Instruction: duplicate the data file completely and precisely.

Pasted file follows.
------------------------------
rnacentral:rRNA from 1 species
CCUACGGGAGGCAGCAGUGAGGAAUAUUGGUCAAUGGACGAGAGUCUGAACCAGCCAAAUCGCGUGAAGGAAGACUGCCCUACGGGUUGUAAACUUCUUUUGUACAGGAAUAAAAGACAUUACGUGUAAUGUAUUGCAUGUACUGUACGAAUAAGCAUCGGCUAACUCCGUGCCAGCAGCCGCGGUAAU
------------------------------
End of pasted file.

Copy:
rnacentral:rRNA from 1 species
CCUACGGGAGGCAGCAGUGAGGAAUAUUGGUCAAUGGACGAGAGUCUGAACCAGCCAAAUCGCGUGAAGGAAGACUGCCCUACGGGUUGUAAACUUCUUUUGUACAGGAAUAAAAGACAUUACGUGUAAUGUAUUGCAUGUACUGUACGAAUAAGCAUCGGCUAACUCCGUGCCAGCAGCCGCGGUAAU